Third, educational reform is necessary. [ . . . ]
Fourth, we need a long-term program that can be implemented step by step and reviewed each year, dedicated to reconciling economic and ecological interests. I would like to add that, due to unnecessary secrecy, the GDR’s record seemed worse than it really is. In the future, no one should be allowed to delete or delay planned environmental protection measures. And a new energy policy is needed which will lead to a reduction in fossil fuel consumption.
Fifth, administrative reform is necessary to democratize state leadership and administration, to make their activities more transparent, and, last but not least, to reduce administrative costs considerably, both financially and in terms of personnel. [ . . . ]
The intended political reform already under way has provided a new foundation to preserve and implement a policy of self-determination for the people of the GDR. This gives new strength to the GDR’s legitimacy as a socialist state, as a sovereign German state. Not mere claims, but rather a new reality regarding life in the GDR will serve to clearly reject unrealistic and dangerous speculations about reunification.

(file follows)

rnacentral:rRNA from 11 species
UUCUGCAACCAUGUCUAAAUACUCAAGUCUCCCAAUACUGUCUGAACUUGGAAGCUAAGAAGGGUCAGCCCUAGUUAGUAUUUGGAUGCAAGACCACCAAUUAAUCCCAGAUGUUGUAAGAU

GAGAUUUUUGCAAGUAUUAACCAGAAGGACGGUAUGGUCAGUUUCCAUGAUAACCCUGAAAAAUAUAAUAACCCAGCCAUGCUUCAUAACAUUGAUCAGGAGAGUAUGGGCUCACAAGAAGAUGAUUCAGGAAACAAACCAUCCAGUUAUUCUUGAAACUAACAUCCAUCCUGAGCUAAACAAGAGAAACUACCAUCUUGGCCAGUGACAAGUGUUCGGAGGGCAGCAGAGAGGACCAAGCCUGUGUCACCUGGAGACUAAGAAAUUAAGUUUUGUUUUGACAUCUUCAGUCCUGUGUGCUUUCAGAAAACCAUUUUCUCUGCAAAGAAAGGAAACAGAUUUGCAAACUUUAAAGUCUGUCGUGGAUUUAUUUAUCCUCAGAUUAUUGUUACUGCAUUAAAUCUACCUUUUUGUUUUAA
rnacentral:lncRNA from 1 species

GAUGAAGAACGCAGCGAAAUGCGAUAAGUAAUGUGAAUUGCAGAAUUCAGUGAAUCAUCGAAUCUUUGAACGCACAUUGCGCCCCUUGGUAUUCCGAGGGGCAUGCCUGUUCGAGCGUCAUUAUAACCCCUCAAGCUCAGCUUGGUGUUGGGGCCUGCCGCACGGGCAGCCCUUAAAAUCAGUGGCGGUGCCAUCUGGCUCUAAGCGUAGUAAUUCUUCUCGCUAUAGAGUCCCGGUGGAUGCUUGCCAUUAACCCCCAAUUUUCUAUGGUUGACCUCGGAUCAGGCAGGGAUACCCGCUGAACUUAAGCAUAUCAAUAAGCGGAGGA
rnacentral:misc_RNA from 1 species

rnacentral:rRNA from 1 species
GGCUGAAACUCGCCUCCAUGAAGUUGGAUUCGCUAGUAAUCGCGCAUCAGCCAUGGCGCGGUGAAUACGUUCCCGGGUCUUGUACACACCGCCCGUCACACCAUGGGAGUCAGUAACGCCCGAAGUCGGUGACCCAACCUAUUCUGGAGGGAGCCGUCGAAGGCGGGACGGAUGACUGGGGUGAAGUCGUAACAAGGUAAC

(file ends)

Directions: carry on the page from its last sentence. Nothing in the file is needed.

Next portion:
The two German states, despite all the differences in their social systems, share a centuries-old history. Both states should take this opportunity to lend their mutual relationship a good-neighborly character.
If the two German states show each other unreserved mutual respect, they can create a worthy example of cooperative coexistence. The government of the GDR is willing to expand cooperation with the FRG to new levels. This applies to all issues: securing of peace, disarmament, economics, science and technology, environmental protection, transportation, postal and telephone services, culture, tourism, and a plethora of humanitarian issues.
We are in favor of strengthening the community of responsibility of the two German states through a treaty-based union that goes far beyond that of the Basic Treaty and other previous treaties and agreements between the two states. This government is open to discussion in this regard. [ . . . ]
Source of English translation: "Hans Modrow’s Government Program" (November 17, 1989), in Konrad H. Jarausch and Volker Gransow, eds., Uniting Germany: Documents and Debates, 1944-1993. Translated by Allison Brown and Belinda Cooper. Berghahn Books: Providence and Oxford, 1994, pp. 81-83. © Berghahn Books.
Source of original German text: Neues Deutschland, November 17/18, 1989.